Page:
Microsoft CEO Satya Nadella has reaffirmed the company’s commitment to its partnership with OpenAI, stating that Microsoft is comfortable with OpenAI’s non-profit governance structure and has no intention of increasing its control over the organization. Nadella’s comments come two months after OpenAI’s board controversially fired and then re-hired CEO Sam Altman in November.
Speaking at a Bloomberg News event at the World Economic Forum in Davos, Switzerland, Nadella emphasized the importance of stability in the partnership between Microsoft and OpenAI.
“What we just want is good stability; we invested, we partnered when they were whatever they were and whatever they are today — a capped-profit, nonprofit, what have you. So I’m comfortable. I have no issues with any structure.”
Microsoft’s role in OpenAI
Microsoft is OpenAI’s largest investor, having invested approximately $13 billion. Despite this substantial investment, Nadella clarified that Microsoft is not seeking a board seat in OpenAI. Instead, the company holds a non-voting board observer role.
Nadella also highlighted the mutually beneficial aspects of the partnership, explaining that Microsoft provides crucial technology to OpenAI for its products. Moreover, Microsoft is actively conducting its own AI research alongside OpenAI’s endeavors, demonstrating that the tech giant is not solely reliant on OpenAI for its AI development.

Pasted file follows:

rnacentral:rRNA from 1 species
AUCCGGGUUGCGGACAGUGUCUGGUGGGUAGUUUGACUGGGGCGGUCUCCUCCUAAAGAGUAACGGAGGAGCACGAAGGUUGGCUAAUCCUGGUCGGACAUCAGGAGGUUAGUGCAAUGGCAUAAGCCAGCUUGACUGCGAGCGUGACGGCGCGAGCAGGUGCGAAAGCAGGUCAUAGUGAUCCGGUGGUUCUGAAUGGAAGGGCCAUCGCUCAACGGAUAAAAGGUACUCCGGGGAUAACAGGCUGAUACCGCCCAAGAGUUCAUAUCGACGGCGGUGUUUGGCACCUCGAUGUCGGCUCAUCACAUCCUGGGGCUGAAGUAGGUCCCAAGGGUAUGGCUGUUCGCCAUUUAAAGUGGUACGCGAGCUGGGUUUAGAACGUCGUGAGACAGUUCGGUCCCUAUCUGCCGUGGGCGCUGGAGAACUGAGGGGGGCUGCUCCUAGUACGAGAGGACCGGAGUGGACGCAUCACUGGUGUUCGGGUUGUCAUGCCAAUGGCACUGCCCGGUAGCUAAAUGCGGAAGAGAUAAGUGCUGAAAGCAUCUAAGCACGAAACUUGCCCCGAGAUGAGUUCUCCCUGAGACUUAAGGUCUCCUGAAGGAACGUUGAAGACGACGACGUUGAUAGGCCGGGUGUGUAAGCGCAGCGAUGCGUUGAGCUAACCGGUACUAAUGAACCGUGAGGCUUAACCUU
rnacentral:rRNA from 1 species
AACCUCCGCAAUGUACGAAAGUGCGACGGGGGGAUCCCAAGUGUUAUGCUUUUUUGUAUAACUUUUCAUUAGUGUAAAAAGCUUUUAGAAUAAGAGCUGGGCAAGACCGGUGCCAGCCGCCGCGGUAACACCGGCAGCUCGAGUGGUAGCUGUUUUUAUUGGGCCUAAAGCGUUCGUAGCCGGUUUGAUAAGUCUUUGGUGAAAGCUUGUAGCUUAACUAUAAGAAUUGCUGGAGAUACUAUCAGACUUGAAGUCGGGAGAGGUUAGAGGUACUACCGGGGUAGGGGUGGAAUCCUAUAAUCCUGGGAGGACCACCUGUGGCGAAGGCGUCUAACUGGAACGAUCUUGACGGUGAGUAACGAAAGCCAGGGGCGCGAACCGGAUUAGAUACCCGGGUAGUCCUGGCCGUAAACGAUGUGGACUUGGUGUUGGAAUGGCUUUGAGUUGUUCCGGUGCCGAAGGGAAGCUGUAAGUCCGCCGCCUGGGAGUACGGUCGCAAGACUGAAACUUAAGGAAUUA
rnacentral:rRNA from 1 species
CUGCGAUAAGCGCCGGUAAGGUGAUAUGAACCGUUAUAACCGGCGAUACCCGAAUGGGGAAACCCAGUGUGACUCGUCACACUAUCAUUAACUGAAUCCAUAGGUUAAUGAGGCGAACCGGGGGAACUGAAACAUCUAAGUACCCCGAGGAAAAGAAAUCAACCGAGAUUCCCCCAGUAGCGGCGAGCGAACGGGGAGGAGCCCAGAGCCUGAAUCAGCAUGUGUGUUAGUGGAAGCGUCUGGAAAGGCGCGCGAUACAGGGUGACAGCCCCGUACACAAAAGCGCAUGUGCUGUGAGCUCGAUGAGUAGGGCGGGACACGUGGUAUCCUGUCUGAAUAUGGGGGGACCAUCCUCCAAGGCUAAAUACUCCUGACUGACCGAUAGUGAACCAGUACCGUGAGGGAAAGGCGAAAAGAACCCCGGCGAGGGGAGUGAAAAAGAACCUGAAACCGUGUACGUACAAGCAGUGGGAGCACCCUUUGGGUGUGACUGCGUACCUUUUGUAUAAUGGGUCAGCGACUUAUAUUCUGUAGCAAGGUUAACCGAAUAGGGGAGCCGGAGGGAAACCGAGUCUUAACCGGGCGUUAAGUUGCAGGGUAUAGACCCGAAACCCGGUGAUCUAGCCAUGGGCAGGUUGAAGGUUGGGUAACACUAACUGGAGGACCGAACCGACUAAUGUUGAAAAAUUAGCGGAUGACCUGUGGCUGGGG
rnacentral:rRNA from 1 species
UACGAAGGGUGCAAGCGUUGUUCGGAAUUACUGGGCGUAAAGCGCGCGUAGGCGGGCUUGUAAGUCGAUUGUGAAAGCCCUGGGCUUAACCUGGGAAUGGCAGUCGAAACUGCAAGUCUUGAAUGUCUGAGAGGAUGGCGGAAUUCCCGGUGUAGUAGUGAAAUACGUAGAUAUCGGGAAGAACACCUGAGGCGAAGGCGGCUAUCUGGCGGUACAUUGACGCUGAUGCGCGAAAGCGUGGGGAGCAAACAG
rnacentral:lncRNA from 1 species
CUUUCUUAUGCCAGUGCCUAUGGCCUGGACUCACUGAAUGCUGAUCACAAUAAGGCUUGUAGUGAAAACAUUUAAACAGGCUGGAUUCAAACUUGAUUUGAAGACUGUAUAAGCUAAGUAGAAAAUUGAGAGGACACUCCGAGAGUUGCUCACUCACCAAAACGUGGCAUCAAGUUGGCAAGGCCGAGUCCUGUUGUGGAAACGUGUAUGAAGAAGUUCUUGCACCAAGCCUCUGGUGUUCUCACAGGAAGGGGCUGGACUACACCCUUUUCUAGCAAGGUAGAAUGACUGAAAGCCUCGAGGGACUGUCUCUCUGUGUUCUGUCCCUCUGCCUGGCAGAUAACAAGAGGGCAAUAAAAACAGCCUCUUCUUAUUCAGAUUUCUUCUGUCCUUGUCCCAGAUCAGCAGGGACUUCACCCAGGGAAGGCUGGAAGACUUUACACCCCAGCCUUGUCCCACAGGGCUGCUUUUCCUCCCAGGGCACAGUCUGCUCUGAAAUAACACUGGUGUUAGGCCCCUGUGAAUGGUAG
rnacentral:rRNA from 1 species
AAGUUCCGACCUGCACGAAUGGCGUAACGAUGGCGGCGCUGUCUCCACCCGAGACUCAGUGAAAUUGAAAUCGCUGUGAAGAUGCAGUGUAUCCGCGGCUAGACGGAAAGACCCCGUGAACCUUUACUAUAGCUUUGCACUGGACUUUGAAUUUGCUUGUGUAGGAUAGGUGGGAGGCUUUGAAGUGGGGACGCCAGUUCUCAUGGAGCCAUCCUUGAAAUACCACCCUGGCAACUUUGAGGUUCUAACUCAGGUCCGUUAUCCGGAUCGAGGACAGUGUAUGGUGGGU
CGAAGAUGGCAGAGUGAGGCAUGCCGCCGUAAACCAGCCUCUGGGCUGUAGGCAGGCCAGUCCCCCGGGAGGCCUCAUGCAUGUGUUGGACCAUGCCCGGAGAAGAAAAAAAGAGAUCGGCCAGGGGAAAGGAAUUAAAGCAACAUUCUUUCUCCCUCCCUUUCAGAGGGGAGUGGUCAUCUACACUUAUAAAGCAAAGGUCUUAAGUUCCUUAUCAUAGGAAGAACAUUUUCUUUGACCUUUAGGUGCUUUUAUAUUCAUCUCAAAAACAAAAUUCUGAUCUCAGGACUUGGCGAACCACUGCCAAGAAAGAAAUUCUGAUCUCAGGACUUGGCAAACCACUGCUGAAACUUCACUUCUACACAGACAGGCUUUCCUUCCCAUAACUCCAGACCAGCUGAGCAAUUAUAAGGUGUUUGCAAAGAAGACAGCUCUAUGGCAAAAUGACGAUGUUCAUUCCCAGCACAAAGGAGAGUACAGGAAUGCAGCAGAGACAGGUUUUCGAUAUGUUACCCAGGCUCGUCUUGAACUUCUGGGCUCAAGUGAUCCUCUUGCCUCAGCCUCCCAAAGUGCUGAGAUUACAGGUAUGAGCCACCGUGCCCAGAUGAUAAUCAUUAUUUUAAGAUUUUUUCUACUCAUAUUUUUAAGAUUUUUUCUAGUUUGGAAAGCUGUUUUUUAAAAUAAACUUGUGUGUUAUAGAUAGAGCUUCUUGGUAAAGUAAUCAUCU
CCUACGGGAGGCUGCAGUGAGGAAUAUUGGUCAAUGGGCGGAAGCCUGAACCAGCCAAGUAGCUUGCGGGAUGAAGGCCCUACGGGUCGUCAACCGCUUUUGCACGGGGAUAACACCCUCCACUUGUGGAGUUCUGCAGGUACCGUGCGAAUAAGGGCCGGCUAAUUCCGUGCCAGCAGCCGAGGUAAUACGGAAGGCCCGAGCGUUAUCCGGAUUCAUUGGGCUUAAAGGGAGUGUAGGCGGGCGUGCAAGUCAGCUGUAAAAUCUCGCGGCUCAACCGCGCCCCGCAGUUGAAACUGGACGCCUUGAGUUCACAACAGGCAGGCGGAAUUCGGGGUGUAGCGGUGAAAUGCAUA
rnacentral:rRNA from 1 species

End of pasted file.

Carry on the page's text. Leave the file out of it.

The firing and subsequent re-hiring of CEO Sam Altman by OpenAI’s board led to significant turmoil within the organization, with employees even threatening to leave and work for Microsoft.
However, Nadella expressed his contentment with the current situation and the partnership’s construct. He mentioned feeling “good” about their arrangement and confidently stated, “I feel at the same time very capable of controlling our own destiny.”
Competition authorities in the European Union (EU), the United Kingdom, and reportedly the United States have been examining Microsoft’s relationship with OpenAI on competition grounds.
Microsoft serves as OpenAI’s exclusive provider of the powerful cloud infrastructure required for its AI offerings. In return, the terms of their agreement reportedly guarantee Microsoft a significant share of OpenAI’s profits under specific conditions.
Nadella noted that the fact that OpenAI is not a subsidiary of Microsoft is a factor that fosters competition. He stated, “Partnerships are one avenue of, in fact, having competition.” Furthermore, he acknowledged that Microsoft’s substantial investments in OpenAI were a “highly risky bet” and defied conventional wisdom.